11. I instruct part time and get about 120 hours a year. My other job is 7:00-4:00 so I can get flights in after work during most of the year. I couldn't instruct full time because my living expenses are too high. so, my "job" pays the bills while the instructing adds time (slowly) and satisfies my flying bug. BTW, I am not trying to build time, as I already have 10 years of flying in the Navy and enough flight time for any flying job I might want. Too bad I can't find a flying job that pays what my real job does.
  12. Another WO here. Just don't ask me any questions about the normal WO process. If you want to know about Navy to Army National Guard transitions, I can tell you about that.
  13. I heard as many as 1/2 of all Navy pilots these days are helicopter pilots. Considering that the jet spots are usually the most sought after, if you ask for helicopters, I am sure you will get them. I averaged 25-30 hrs a month as an FRS instructor. Flight time while deployed was usually closer to 30-35 hours a month, with a few 50 hr months. It could have easily been more during high operational tempo periods, but we had few of those and only one aircraft on all of my detachments with 5 pilots. High tempo ops can net you up to 75 hrs a month, but usually maintenance and parts become a limiting factor. There is only so much that can be done on a small ship. Now, with the aircraft carriers and supply ships also using H-60 variants, the maintenance and parts issues are less of a factor. I flew HSL (SH-60B Seahawk) in the Navy. Based on Mike Murphy's avatar, he flew the same mission with the SH-2 Seasprite. Same mission, different airframe. Now, the Navy is going to all H-60 airframes. HSL will drop the SH-60B for the MH-60R. HS will has dropped the SH-3 for the SH-60F and HH-60H and will add MH-60S. HSC has dropped the CH-46 for MH-60S. I can't say how the exactly the different communities vary in flight hours, but operational tempo has more to do with it than airframe and mission.
  14. The night unaided requirement is there to make sure you can takeoff, land and fly at low altitude at night without NVGs. If you think about flying a helicopter under 500' at night near the edge of a city, you are going to be going from a very bright "city lights" environment (NVGs uneffective) to a black, no visual horizon environment just by executing a 180 degree turn. This type of flying requires frequent transitions from a VMC to an IMC scan. Also, it is quite different in a fixed wing than in a helicopter. Fixed wing usually stay 1000' or above in "congested" or populated areas where as helicopters are not necessarily restricted by altitude. Also, fixed wing are going to maintain a greater minimum speed than a helicopter at night. The manuevers will be quite different between fixed wing and rotary wing. I know if I was hiring and looking for unaided night time, I would consider only about 1/4 of the fixed wing time. It's valuable, but you need the night unaided helicopter time too.
  15. That is correct. Customs & Border Patrol hire dual rated pilots. I just helped an Ex-Army/Coast Guard helo pilot add an instrument rating to his PPL. He had commercial helicopter and private airplane ratings with instrument only on the helicopter rating. He did not HAVE to have the dual ratings to get hired, but it made him more competitive and allowed him to get an earlier slot for some type specific training. BTW, I am dual rated and it allows me to do two different jobs. I flight instruct at the local Navy flying club with my fixed wing CFI/CFII/MEI and fly for the FLARNG with my commercial helicopter instrument rating.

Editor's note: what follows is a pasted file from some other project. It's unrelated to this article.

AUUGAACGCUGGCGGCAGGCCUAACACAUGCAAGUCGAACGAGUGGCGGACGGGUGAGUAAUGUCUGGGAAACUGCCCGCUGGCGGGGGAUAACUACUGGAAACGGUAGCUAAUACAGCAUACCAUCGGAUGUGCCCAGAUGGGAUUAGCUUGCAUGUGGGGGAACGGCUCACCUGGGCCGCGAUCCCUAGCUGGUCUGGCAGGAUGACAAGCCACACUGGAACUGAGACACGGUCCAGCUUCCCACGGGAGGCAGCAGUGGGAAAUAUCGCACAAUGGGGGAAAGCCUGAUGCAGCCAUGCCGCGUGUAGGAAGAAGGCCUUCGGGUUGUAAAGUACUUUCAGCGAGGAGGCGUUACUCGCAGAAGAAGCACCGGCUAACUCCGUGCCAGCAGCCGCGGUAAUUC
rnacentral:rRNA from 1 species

16. I have a unique perspective in that I flew for the Navy and am now in the Army National Guard. I would say that for any direction you go in the military, flying is flying. Each aircraft and service has its own mission. If you fly helicopters in the Navy, you will almost certainly end up in an H-60 airframe. But the missions vary greatly with the specific model. Some look for submarines, some do cargo ops, some do combat search and rescue, some search for ships with radar and other sensors. All do some degree of search and rescue, either as a primary or secondary mission. Flight training in the Navy begins in the T-34C, a single engine turbo prop airplane. This will soon change to the T-6 Texan II. At the end of primary flight training, you get selected for jets, props, or helos. Jet guys go to the T-45 and helo and prop guys stay in the T-34C a little longer. Then the helo guys go on to TH-57s (Bell JetRangers) and the prop guys go to the T-44 (Beech QueenAir). If you go helos, at the end of flight training you can take your FAA equvalency exam and get a commercial airplane and helicopter, instrument airplane and helicopter rating. You'll get about 100 fixed wing hours and 100 - 150 helicopter hours in flight school. At the end of flight school, which can take anywhere from 1 to 2 years, you get your wings. I went SH-60Bs. After flight school I went to the fleet replacement squadron (FRS), also called the replacement air group (RAG). Because of the multiple missions the SH-60B conducts, this training was 8 months long. There were a few months of basic training in the airframe, then they add day and night rescue ops, external cargo ops, anti-ship and anti-submarine warfare tactics, and finally day and night shipboard landings. When you come out of the FRS you are a fully qualified helicopter second pilot (H2P) for ALL missions. The Army is a bit different. I did not go to "flight school" in the Army, but will attend a 6 week AQC for the H-60. Army aviators get their wings after AQC. You get the basics of flying the H-60 and that is about it. You then go to your unit and get the remainder of your qualifications in an "RL" progression. Both ways are effective, just a different approach to training and qualification. As an officer in the Army or Navy, you will have considerable collateral duties once you get to your unit. These duties can be flight, maintenance or admin related. The more senior you get, the less important flying is and the more important the collateral duties become, to the point that they are no longer "collateral" duties. As an Army warrant officer, flying and flight related duties remain a much higher part of your job. If you want to be "in charge", go the officer route. If you don't mind not being in charge and you want to fly, go warrant officer. BTW, there is a VERY limited Navy flying warrant officer program they started a few years ago. Check with a recruiter to see if it is still available.